The Music Producers Guild’s Mastering Group has achieved a significant breakthrough for all recording artists and other copyright owners by working with the European Broadcasting Union (EBU) to create an
industry standard for embedding ISRCs within digital music files.
This major step forward will make accurate file identification and content tracking much easier and could
help royalty agencies develop more precise systems for payments, thereby safeguarding the incomes of all artists and copyright owners when their recordings are played on air.
MPG Mastering Group board member and Alchemy Mastering Engineer Barry Grint, who led the initiative,
says: “ISRC stands for International Standard Recording Code. Every song released – and indeed every version of that song - is allocated a unique ISRC by the record label. In the past the ISRC information was included within sub data streams of a CD, so a track could be identified by its associated ISRC.
“However, now that we have entered the digital age and are increasingly using digital WAV files, the ability to securely associate ISRC data with specific tracks has been lost because the only common way to incorporate ISRC into a WAV file is via the file name. If someone renames the file – or if the name is truncated or amended by a software program – the vital ISRC information can easily be lost. Unfortunately
many record companies are not aware of this and simply assume that ISRCs are being embedded into WAV files. Technically that just isn’t possible so many mastering engineers weresimply adding the code to the file title, which was an insecure practise.”
The MPG Mastering Group recognized that this was a major problem and that the industry needed an approved method for embedding ISRC data within a WAV file. Fortunately the EBU had developed the Broadcast WAV File (BWF), a variant of the WAV file for use by broadcasters. Although this variation allows for metadata to be added within the file, no standard had been defined as to how and where the data should be stored. Also workstation manufacturers offering the ability to create BWF files did not have a consensus as to the fields in which data should be entered.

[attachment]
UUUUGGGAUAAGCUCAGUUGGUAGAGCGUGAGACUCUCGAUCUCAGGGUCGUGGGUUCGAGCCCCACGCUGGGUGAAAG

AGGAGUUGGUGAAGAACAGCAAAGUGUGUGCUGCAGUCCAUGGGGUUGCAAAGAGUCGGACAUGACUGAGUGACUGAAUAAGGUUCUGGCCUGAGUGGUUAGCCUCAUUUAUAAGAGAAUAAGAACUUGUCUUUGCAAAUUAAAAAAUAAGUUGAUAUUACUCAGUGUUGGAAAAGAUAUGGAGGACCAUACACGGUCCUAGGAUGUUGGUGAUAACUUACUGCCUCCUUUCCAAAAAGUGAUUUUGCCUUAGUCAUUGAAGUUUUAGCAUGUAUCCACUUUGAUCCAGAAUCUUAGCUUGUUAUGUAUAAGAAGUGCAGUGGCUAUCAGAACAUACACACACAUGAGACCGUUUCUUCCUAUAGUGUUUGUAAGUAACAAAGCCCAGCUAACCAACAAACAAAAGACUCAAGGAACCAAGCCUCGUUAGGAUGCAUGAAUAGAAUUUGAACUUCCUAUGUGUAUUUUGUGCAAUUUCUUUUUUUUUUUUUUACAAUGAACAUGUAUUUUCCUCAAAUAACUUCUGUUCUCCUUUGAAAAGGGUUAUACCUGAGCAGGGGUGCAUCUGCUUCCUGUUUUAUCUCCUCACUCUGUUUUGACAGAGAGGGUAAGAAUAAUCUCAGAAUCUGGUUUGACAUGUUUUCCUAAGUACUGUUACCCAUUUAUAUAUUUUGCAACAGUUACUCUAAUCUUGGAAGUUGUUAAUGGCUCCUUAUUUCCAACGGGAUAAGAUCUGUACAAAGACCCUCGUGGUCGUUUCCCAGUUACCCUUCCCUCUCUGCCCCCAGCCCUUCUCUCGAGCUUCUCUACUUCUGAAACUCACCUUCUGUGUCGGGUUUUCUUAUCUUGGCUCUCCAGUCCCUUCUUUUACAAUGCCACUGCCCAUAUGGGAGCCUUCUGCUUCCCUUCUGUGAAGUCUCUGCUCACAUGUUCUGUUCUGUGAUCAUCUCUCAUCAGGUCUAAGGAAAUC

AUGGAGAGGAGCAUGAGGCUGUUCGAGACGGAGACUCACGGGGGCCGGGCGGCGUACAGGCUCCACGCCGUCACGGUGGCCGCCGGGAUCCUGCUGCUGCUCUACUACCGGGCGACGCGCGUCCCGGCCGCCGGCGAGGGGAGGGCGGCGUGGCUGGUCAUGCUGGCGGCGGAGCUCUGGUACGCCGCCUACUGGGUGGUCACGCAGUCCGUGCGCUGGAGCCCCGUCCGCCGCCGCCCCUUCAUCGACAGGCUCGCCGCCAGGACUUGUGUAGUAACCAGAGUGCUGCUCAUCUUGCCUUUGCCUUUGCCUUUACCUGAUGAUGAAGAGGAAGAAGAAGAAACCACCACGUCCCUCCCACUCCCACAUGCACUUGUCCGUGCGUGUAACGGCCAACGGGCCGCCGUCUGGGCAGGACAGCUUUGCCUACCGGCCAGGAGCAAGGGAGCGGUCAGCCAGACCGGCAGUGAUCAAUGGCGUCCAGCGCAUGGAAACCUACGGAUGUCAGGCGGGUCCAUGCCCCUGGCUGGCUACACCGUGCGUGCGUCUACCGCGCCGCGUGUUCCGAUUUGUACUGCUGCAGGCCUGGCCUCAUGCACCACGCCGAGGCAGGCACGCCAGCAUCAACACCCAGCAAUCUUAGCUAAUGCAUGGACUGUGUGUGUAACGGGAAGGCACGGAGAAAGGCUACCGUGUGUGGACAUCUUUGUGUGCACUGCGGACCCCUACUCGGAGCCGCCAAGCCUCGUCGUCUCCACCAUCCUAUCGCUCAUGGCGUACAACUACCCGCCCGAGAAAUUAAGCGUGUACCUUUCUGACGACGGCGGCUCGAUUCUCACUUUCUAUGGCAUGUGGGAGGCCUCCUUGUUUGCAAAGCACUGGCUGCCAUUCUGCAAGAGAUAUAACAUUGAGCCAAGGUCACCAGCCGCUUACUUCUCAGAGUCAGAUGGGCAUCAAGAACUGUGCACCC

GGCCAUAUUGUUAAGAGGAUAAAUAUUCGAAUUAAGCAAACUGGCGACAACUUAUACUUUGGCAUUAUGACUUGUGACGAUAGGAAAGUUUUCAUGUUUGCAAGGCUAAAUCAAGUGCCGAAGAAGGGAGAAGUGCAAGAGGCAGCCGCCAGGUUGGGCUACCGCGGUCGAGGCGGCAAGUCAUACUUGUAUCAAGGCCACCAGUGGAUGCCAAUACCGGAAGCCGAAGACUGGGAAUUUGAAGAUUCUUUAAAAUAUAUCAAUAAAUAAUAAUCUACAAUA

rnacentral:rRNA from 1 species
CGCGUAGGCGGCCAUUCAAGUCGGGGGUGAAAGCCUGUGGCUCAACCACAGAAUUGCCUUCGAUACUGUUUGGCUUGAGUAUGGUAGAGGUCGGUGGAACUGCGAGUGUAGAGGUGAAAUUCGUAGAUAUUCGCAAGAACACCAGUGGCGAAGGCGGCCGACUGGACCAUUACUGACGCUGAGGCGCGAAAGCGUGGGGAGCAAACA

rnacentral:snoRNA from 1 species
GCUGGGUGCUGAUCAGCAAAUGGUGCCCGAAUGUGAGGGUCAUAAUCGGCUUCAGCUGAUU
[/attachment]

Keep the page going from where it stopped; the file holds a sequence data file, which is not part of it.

Barry Grint approached the EBU and asked them toadapt the BWF standard so that ISRC’s could once again be included in metadata in a regular way.
“The new system is simple to implement and the MPG is encouraging workstation manufacturers and record companies to use BWF in preference to WAV as the standard specification for file exchange,” Barry Grint says. “Once adopted, this system will allow ISRC to flow through the whole production chain. iTunes and other aggregators will be able to pull the ISRC through during encoding and broadcast playout systems can easily be adapted to recognise the ISRC, making airplay reporting far more accurate.
“This is a major step forward for the music industry as it gives us the opportunity to identify with certainty every digital Master file regardless of how that file is named. We would like to thank the team at the EBU for recognizing the importance of this to the MPG and the Music Industry worldwide and the speed with which they were able to bring this about. By making ISRC the cornerstone of asset management and oyalty reporting, we should be able to ensure a more accurate system of royalty payments and writer/performer credits, thereby supporting the income of all recording artists and copyright owners well into the future.”
About The Music Producers Guild:
The Music Producers Guild is an independent and democratic organisation that encourages the highest standards of music production, and actively engages with other music industry organisations to campaign and lobby on matters of important mutual interest.
The MPG represents and
promotes the interests of all those involved in the production of recorded
music, including producers, engineers, mixers, re-mixers, programmers and